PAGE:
10 Facts You Didn’t Know About Prague

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The charming Czech capital of Prague is what European travel dreams are made of. With cobblestone streets, beautiful castles, stunning architecture, delicious goulash, and more beer than you can handle, Prague will make you believe in love at first sight. Check out these fun facts about this quintessential European city.

  1. According to the Guinness Book of World Records, the largest castle in the world is located right here in Prague. The Prague Castle, which dates back to the 9th century, covers over 18 acres and consists of palaces, cathedrals, and buildings of different architectural styles. It really is the stuff of fairytales.
  2. The “John Lennon Wall” is a famous wall in a quiet corner near the Charles Bridge which is covered in Lennon-inspired graffiti and The Beatles’ lyrics. What started off as a single image after his murder quickly grew into an entire wall of dedications. Even repeated coats of whitewash couldn’t stop this symbol of free speech. Though Lennon never visited Prague in his lifetime, he was a symbol of hope for many of Prague’s residents.
  3. With no dearth of pubs and watering holes, Prague is a beer lover’s dream. Many even call its beer the best in the world! In fact, the locals drink more beer per capita than anywhere else. Almost 150 litres of beer are consumed here every year and close to 97% of it is Pilsner. You can’t really blame them considering beer is more affordable than water at most places.
  4. Marathon runners would love to participate in the Prague International Marathon which takes place in April/May. The stunning route will take you from the medieval Old Town Square and along the Vltava River. You’ll forget your exhaustion as you pass through the entirety of this gorgeous city.
  5. Prague’s Dancing House was inspired by iconic dancers Fred Astaire and Ginger Rogers. This modern building is a departure from Prague’s ancient castles and cobblestones but is stunning nonetheless. Built as a collaboration between Croatian-Czech architect Vlado Milunić and Canadian-American architect Frank Gehry, it symbolizes yin and yang and the blending of communism into democracy. Foodies could also visit the “Ginger and Fred” restaurant on the top floor for food with a view.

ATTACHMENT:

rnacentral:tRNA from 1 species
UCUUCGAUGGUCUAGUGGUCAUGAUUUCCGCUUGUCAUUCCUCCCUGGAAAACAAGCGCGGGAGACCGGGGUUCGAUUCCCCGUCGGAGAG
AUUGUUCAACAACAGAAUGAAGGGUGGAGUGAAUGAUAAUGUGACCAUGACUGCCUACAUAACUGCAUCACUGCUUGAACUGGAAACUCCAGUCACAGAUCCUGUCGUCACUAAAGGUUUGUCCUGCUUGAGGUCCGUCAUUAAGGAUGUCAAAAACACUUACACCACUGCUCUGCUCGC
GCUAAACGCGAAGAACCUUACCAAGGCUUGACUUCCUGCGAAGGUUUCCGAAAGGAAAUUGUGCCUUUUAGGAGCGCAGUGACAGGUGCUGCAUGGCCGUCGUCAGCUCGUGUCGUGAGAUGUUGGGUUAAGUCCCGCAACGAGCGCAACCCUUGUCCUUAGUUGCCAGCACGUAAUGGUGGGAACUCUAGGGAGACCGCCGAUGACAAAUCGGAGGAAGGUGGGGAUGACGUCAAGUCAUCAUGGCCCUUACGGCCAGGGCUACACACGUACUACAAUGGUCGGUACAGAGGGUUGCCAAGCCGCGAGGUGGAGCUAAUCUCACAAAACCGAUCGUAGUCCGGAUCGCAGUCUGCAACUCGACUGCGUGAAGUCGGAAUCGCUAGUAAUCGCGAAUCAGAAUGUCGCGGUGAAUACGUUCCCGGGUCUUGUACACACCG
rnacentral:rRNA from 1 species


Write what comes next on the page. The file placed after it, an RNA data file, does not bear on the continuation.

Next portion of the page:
6. The narrowest street in Prague, the Vinárna Čertovka, is about 50 cm (20 inches) wide. Believe it or not, it actually has a traffic light to ensure that pedestrians from opposite sides don’t get stuck in the middle. That sounds like a tight fit!
  7. Apparently, the Rolling Stones are the reason why the Prague Castle is beautifully lit at night. The members fell in love with the building and thought that lights would add to its beauty at night. When they shared their idea with then-Czech president Václav Havel, they were told that the country had more serious problems to worry about. So, they paid for the night lighting themselves and lo and behold, it’s still in use today!
  8. Prague’s Astronomical Clock is the third oldest in the world of its kind. When the clock strikes the hour, you will be able to see the procession of Twelve Apostles, followed by the Angel of Death, and a crowing golden rooster.
  9. The first stone of the famous Charles Bridge was laid by Charles IV on July 9th, 1357 at 5:31 am. The king was extremely superstitious and believed in astrology and numerology to such an extent that he chose this date and time because it’s written as 1-3-5-7-9-5-3-1.
  10. While some find it creepy, others argue that the crawling babies of Prague’s TV tower are perfectly unique. Designed by David Cerny, who is known for his modern art and sense of humor, you can get a closer look at these babies on the castle side of the Vltava River. If you’re a fan of Cerny’s bizarre style, don’t forget to check out the upside-down horse inside Lucerna Palace and the statues of the two men peeing outside the Kafka Museum.

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